While only 8 percent of electric utility customers indicate their home has a smart meter, overall satisfaction among these customers averages 667 (on a 1,000-point scale), 43 points higher than among customers whose homes are not equipped with smart meters. Research by J.D. Power also indicates that customers who are aware of smart grids and smart meters, as well as their utility’s efforts to implement them, are notably more satisfied than are customers without this awareness.

“While this marks an auspicious beginning for smart meter and smart grid programs, gaining widespread consumer acceptance is incumbent upon successful consumer education, adoption and engagement with the technology,” said David Steele, senior director of the smart energy practice at J.D. Power and Associates. “It’s imperative for energy providers to understand the actual drivers of effective program design and customer communications that will lead consumers to engage with these new options and services.”

Smart Grid Highlights from South America

In June, Northeast Group released its latest report titled South America Smart Grid Market Forecast (2011-2020). The report lists a number of key findings, including:

  • The smart meter market in South America may hit 104.5 million meters by 2020 and be worth $25.1 billion.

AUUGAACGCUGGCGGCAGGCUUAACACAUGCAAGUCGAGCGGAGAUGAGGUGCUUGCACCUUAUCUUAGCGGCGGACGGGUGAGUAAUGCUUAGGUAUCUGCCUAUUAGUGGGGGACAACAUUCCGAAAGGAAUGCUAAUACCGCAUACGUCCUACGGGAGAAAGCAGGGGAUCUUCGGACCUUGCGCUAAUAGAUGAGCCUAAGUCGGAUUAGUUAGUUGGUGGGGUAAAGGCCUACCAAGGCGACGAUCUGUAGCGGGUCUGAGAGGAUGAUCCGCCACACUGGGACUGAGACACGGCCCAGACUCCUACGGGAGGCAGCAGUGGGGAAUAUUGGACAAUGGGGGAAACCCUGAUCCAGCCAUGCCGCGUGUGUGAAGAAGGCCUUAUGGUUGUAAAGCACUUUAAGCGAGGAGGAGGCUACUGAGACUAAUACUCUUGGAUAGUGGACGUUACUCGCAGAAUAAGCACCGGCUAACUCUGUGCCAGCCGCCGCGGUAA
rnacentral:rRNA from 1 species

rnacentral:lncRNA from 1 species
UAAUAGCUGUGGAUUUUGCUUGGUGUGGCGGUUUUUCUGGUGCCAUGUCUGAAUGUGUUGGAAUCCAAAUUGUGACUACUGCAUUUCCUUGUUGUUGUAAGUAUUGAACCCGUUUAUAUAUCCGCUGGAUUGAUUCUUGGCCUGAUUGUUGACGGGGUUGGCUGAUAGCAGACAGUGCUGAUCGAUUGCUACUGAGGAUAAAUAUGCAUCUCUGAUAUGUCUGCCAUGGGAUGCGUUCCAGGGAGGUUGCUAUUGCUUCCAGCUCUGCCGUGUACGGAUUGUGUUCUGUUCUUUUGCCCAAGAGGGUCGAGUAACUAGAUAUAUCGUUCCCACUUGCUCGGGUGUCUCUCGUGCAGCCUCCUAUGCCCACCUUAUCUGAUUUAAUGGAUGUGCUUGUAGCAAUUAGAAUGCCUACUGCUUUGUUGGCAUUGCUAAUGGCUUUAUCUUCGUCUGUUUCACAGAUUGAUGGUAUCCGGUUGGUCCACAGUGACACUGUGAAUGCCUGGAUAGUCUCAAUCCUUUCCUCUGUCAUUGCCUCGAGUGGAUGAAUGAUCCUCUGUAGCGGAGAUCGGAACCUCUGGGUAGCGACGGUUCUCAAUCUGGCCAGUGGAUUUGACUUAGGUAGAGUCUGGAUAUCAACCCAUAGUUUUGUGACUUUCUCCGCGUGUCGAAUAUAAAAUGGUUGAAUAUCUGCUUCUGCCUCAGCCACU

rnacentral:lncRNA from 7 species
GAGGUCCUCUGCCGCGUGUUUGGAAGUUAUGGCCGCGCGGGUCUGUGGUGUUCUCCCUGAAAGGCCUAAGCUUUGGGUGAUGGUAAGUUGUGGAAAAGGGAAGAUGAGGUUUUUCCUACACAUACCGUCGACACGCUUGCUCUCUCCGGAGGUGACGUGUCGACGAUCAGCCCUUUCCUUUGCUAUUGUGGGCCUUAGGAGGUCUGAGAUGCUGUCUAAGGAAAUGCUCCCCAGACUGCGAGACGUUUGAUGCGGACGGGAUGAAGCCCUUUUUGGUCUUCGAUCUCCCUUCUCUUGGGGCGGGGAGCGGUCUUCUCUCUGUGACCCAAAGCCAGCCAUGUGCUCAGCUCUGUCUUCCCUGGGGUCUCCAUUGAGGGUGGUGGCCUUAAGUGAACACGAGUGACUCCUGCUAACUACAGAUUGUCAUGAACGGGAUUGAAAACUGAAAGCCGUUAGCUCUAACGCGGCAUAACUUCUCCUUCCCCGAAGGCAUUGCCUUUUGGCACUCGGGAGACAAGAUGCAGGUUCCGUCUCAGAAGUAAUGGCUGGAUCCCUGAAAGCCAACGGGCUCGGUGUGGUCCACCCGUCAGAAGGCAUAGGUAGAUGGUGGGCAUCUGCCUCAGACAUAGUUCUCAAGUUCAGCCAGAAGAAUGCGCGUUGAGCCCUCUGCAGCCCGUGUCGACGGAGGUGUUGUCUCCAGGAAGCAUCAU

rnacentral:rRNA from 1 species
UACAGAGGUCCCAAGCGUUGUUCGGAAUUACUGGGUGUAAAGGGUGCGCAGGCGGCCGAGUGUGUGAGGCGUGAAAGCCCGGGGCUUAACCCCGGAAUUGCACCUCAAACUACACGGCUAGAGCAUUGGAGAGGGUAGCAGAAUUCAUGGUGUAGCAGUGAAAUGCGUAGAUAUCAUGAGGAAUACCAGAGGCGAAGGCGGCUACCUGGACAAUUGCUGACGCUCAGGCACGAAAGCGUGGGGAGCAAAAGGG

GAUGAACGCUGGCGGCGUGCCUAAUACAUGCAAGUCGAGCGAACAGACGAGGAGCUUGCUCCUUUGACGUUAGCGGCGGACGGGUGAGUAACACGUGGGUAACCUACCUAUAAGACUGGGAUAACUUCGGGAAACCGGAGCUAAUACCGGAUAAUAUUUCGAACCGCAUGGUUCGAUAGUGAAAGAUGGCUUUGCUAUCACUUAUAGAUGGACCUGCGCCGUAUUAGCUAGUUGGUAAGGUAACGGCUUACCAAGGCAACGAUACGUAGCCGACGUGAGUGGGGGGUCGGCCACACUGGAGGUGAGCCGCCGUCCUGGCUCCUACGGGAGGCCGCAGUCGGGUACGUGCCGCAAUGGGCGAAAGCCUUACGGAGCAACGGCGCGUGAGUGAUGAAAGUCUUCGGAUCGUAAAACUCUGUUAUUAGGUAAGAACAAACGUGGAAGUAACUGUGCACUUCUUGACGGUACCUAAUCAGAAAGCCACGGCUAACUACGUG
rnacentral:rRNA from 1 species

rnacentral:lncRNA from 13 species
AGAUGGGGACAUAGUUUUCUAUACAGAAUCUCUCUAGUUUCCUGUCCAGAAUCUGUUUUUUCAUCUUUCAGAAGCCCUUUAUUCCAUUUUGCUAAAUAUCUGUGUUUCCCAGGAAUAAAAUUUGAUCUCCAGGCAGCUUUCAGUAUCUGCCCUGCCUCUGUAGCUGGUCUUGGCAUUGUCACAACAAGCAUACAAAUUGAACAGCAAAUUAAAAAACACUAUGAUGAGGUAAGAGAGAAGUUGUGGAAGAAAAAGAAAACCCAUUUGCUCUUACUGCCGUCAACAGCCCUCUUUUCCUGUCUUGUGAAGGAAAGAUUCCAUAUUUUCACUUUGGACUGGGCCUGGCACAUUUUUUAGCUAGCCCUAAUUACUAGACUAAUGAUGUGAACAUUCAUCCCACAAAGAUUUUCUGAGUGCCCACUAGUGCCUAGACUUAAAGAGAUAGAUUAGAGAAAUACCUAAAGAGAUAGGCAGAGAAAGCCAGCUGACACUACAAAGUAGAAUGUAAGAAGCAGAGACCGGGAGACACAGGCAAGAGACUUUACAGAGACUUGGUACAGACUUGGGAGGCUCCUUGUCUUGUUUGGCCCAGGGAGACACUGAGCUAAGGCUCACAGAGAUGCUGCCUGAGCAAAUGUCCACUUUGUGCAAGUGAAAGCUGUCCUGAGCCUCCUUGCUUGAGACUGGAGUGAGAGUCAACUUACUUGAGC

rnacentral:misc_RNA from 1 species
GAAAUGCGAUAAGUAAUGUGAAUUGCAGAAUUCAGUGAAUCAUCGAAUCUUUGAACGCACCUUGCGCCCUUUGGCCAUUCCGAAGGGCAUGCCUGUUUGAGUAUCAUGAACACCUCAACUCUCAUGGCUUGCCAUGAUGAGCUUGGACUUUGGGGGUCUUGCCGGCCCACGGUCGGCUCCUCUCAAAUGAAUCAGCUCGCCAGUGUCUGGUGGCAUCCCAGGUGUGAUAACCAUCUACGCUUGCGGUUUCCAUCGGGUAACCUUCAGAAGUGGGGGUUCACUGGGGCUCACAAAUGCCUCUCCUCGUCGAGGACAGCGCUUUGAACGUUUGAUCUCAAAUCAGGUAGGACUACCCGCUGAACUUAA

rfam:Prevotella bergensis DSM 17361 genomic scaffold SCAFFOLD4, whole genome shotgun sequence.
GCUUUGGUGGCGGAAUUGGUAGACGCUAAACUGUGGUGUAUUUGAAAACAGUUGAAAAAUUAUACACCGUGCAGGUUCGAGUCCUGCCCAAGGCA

• Brazil is the largest market, expected to reach 71.4 million meters and $17.1 billion by 2020.
  • Argentina (8.3 million meters and $2 billion dollars by 2020) and Chile (6.1 million meters and $1.5 billion by 2020) are the “next most attractive” smart meter markets.

“South America has strong potential to become a dynamic market for several key smart grid technologies, but to date the market has shown only pockets of development,” the report states. The report notes, however, that the smart grid offers benefits to South America beyond the consumption and efficiency issues important in the U.S. and Europe, namely in the areas of theft reduction, reliability and distributed generation connections. In fact, the report notes that electricity theft reduction is a cornerstone of the smart grid business case in the region. (In some areas in Brazil, theft rates top 40 percent; Paraguay averages a distribution loss rate of over 30 percent, according to the Northeast Group.)

More information on this report can be found online at northeast-group.com.

Microsoft, Google Call off Two Customer-oriented Devices